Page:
The upcoming constitutional referendum in the Central African Republic is poised to aggravate the country’s human rights situation, with the UN warning of an upsurge in violence and hate speech in the days leading up to the vote.
President Faustin-Archange Touadera has officially slated July 30 as the date for a proposed referendum on a new constitution in the Central African Republic, with potential implications for his eligibility to run for another term in 2025, an Al-Jazeera report said.
At present, a president can serve only two four-year terms. TouadÃ©ra, elected in 2016, was re-elected in 2020, after an election contested by the opposition. Touadera has justified the proposed change by stating the countryâ€™s current constitution does not accurately reflect the aspirations of the Central African people.
His allies proposed the rule change in May last year, arguing that presidential term limits were uncommon in many neighbouring countries. Critics and opposition parties held protests last year as the reform would allow Touadera to run again in 2025 for a third term.
Local elections initially scheduled for 11 September 2022 were postponed to January 2023, and subsequently refixed for 16 July. The last local elections in the CAR were held in 1988.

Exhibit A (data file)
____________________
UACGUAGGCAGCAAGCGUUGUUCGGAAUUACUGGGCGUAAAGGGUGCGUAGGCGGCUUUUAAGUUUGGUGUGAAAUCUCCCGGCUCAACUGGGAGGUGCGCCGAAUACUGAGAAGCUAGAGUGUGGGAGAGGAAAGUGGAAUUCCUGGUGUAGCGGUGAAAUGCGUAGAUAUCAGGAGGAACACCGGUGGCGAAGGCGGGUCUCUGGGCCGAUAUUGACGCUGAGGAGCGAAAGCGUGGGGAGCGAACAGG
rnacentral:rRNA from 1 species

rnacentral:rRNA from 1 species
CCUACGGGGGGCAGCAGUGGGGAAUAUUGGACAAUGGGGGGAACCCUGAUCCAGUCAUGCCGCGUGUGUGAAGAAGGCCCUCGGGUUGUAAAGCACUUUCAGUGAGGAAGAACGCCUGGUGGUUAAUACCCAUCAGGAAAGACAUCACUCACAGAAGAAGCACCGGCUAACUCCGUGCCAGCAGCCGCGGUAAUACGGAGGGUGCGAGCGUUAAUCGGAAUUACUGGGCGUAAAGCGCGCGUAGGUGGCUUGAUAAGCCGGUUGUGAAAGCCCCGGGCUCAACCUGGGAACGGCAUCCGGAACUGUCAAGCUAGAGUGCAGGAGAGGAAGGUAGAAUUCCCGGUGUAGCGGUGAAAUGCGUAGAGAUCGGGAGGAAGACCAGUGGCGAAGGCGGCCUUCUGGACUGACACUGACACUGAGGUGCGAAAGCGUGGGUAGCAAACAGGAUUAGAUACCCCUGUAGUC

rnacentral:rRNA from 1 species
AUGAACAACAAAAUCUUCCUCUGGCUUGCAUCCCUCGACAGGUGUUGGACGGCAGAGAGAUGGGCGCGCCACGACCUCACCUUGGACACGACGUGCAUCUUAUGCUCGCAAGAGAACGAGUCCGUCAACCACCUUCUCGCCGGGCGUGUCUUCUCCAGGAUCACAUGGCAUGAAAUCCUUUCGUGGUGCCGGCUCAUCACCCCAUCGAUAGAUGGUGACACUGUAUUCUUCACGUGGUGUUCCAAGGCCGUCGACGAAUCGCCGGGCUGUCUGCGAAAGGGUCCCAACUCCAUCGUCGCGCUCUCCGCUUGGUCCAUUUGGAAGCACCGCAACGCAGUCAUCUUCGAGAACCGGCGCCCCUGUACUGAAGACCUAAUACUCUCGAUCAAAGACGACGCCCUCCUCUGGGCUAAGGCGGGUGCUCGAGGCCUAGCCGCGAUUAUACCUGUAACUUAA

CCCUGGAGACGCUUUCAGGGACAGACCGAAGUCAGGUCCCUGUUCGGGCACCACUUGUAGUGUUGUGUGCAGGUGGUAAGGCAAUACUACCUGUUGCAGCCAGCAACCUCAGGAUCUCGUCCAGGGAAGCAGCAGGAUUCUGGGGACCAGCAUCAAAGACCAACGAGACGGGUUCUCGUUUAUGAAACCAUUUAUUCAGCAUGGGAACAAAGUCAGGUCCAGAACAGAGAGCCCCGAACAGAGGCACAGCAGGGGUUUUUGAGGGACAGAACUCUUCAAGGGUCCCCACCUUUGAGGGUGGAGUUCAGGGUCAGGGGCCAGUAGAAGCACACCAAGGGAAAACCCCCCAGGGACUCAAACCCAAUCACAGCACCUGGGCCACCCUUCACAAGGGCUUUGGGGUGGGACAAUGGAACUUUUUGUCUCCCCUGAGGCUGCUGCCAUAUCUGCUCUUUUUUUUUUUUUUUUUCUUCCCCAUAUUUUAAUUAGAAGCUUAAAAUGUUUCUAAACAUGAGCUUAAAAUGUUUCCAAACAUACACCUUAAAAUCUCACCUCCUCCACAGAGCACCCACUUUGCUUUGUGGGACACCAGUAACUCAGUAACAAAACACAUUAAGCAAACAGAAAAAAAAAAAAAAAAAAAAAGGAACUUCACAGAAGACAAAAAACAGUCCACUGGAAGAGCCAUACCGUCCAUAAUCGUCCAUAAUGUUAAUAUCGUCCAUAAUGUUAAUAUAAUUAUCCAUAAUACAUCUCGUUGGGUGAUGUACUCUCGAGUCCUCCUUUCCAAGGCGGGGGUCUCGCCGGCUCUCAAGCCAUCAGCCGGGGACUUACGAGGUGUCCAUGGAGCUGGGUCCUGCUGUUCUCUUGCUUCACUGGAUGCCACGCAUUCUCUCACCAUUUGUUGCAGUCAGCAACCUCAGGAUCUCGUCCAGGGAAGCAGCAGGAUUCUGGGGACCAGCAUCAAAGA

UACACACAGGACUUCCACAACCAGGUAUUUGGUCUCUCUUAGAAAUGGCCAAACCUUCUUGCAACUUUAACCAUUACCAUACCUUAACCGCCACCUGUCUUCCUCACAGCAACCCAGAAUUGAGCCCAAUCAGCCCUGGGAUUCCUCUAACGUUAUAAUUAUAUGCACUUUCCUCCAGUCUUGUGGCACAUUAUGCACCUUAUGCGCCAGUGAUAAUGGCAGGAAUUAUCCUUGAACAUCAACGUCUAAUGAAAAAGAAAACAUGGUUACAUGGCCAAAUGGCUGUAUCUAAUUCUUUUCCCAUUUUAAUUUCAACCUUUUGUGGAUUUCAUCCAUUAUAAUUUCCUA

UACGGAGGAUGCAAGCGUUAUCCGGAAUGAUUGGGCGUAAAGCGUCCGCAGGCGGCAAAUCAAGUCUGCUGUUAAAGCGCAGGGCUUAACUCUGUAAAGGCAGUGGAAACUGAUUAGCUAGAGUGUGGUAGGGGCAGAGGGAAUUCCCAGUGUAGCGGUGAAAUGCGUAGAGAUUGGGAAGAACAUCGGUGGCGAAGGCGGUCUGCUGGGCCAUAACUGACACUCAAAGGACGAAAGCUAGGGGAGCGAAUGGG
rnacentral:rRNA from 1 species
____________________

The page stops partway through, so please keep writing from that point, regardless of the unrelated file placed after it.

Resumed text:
A UN expert has warned that the constitutional referendum in this restive African nation poses human rights risks. â€œThe Central African State must use all means possible to ensure that the referendum does not result in further human rights violations,â€ said Yao Agbetse, UN independent expert on the human rights situation in the CAR.
The UN expert said his consultations with different stakeholders revealed that the referendum raises political, security, logistical, technical, and financial concerns, adding that the main constitutional reform proposals have not yet been made public, even though the date of the ballot draws near.
He noted that before and during the referendum, people opposed to the new constitution and opposition parties that do not support the reforms must be given the civic and media space to disagree and present their own proposals. â€œThese groups must not be harassed or subjected to reprisals,â€ the expert said.
Critics said President Touadera was making a blatant power play. â€œThis new constitution will be written so that Touadera remains president for life,â€ said Nicolas Tiangaye, a former prime minister and opposition leader.
Touadera has also drawn fire from critics over the hiring of paramilitaries from the Russian Wagner Group in the conflicts between militias that hold sway over large tracts of territory and often clash over access to minerals and other resources.
Despite being landlocked and rich in mineral resources, the Central African Republic (CAR) has faced persistent poverty and a lack of stability since gaining independence from France in 1960.